Reforms In Police Union Contract Questioned
City Councilors in Springfield, Massachusetts are pressing for police reforms as they consider whether to approve a new contract with police supervisors.
In a scathing report about the Springfield Police Department earlier this year, the U.S. Department of Justice raised concerns that officers could escape discipline because of a 90-day statute of limitations to bring departmental charges that is written into the police unions contracts.
In negotiations with the city on a new contract, the Springfield Police Supervisors Association agreed recently to extend the deadline to 120 days.
"It's an insult," City Councilor Orlando Ramos said of the union's offer.
Ramos, who chairs the Public Safety Committee, said the proposed 30 day extension is a “deal breaker” as far as he’s concerned.
"This is not the first vote I am going to take on the Springfield City Council relative to the police department following the George Floyd incident when we stood on the steps of City Hall demanding police reform," said Ramos.
In doing some research, Ramos said he could find no other police union contracts in Massachusetts, or in other parts of the country, that so severely restrict the length of time for a formal charge to be brought.
"If you want to have a conversation about a timeline we could start with three years because that is what it is for the average person and I don't see why it should be different for police officers," said Ramos. He said three years is the statute of limitations in Massachusetts for charging someone with causing a personal injury.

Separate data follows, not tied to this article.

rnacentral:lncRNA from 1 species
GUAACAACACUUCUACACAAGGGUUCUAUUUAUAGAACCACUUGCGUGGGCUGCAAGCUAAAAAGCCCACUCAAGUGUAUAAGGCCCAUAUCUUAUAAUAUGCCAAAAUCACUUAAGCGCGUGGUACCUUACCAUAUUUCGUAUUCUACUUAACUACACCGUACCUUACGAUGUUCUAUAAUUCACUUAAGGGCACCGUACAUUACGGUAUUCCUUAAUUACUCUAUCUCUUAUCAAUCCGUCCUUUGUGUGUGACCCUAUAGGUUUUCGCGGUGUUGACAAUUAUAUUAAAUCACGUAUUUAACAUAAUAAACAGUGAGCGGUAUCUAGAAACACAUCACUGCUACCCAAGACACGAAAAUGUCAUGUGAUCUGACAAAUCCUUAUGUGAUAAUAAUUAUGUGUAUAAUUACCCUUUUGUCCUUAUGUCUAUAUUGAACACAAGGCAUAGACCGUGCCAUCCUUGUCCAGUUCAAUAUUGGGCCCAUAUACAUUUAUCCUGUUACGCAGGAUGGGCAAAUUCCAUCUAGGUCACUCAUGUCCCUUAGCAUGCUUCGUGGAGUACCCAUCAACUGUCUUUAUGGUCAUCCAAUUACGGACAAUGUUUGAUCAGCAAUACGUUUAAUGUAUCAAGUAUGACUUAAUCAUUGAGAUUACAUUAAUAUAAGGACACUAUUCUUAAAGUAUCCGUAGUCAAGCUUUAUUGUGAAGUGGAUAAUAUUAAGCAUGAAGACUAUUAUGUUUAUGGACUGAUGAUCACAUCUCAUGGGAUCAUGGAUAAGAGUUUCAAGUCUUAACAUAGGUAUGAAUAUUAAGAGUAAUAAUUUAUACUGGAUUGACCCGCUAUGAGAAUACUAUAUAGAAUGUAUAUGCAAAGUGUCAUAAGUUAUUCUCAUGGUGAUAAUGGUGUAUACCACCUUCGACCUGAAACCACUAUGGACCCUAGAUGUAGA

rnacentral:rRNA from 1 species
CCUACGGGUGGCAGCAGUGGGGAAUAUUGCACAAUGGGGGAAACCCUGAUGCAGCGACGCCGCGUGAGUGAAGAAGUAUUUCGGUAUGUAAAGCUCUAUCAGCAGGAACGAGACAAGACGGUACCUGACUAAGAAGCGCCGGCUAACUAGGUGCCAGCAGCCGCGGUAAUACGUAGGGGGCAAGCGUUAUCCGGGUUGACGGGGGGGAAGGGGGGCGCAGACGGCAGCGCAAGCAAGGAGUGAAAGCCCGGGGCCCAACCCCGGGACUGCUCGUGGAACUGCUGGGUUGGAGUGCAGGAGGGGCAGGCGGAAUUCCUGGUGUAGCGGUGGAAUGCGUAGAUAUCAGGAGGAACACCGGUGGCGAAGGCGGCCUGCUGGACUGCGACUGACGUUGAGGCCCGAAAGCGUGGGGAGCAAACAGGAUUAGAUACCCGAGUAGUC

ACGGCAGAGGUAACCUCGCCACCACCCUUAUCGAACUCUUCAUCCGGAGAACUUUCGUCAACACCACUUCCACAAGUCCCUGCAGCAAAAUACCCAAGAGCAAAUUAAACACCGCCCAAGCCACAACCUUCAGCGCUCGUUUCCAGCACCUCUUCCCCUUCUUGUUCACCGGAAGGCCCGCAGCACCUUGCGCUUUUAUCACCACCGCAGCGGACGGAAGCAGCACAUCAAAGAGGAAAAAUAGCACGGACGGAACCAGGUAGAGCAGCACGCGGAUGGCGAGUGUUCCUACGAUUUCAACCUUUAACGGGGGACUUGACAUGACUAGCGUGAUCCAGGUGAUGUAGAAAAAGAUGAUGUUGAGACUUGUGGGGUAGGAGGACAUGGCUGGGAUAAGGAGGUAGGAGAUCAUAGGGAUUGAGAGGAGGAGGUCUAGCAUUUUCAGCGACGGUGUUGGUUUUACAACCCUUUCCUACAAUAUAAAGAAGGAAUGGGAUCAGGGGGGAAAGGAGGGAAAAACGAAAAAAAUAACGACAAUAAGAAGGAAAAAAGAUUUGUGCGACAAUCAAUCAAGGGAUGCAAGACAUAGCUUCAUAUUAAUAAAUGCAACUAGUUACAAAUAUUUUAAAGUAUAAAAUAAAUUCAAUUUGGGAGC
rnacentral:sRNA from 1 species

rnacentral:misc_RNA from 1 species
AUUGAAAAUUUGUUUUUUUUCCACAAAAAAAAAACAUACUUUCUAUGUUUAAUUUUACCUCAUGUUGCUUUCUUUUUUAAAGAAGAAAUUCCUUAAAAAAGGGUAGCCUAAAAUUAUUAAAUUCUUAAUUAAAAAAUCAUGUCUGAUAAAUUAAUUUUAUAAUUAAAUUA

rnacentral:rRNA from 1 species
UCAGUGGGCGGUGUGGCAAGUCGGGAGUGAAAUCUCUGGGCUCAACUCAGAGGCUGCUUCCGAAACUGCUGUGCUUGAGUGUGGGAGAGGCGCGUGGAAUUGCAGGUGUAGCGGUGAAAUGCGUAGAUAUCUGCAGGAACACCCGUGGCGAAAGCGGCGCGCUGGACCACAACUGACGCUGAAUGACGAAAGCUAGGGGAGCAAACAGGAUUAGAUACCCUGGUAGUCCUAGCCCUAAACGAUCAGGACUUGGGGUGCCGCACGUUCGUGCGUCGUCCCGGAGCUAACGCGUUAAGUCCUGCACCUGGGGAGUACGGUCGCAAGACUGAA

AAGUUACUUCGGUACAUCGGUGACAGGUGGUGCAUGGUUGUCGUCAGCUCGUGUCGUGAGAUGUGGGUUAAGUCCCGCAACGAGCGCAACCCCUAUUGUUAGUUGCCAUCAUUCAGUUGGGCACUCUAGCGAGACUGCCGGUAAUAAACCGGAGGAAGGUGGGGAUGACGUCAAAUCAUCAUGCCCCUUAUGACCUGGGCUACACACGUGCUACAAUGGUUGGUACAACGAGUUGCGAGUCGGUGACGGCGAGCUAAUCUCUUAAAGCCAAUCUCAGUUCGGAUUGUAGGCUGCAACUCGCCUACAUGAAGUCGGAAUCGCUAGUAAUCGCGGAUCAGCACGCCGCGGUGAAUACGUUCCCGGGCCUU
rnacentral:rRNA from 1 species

City Councilor Jesse Lederman said he’s troubled that the clock on departmental charges begins ticking on the day an alleged misconduct incident occurs and not on the date when a complaint is made.
"Something could happen that nobody knows about -- the department is not aware of, the city is not aware of -- and then somebody comes forward after three months and we would not be in a position to pursue it," said Lederman. " I think that is the biggest concern people have."
After a two-year investigation, the Justice Department concluded that Springfield police narcotics officers routinely used excessive force violating people’s constitutional rights and falsified reports about it.
Police department leaders and Mayor Domenic Sarno insist they are committed to making changes that will satisfy the DOJ.
William Mahoney, the city’s director of labor relations, said the proposed contract with the police supervisors association is a step in the right direction.
"This is a postive for us," said Mahoney. " A lot of time there some give and take and we don't have a lot to give right now because of the pandemic."
Because of the economic hit the city has taken from the pandemic and the uncertainty about the future, Mahoney said the proposed contract is for one year – not the standard three-year agreement. The city is offering a 1.5 percent pay raise.
The association represents 70 members of the police department with the rank of captain, lieutenant and sergeant.
At a meeting of the Public Safety Committee Tuesday night, Ramos said he expects to bring the proposed contract to the full City Council for a possible vote on November 16th.
There is a similar statute of limitations on departmental charges contained in the contract with the much larger Springfield Police Patrolman’s Union.
Mahoney said negotiations on a new contract with that union are ongoing.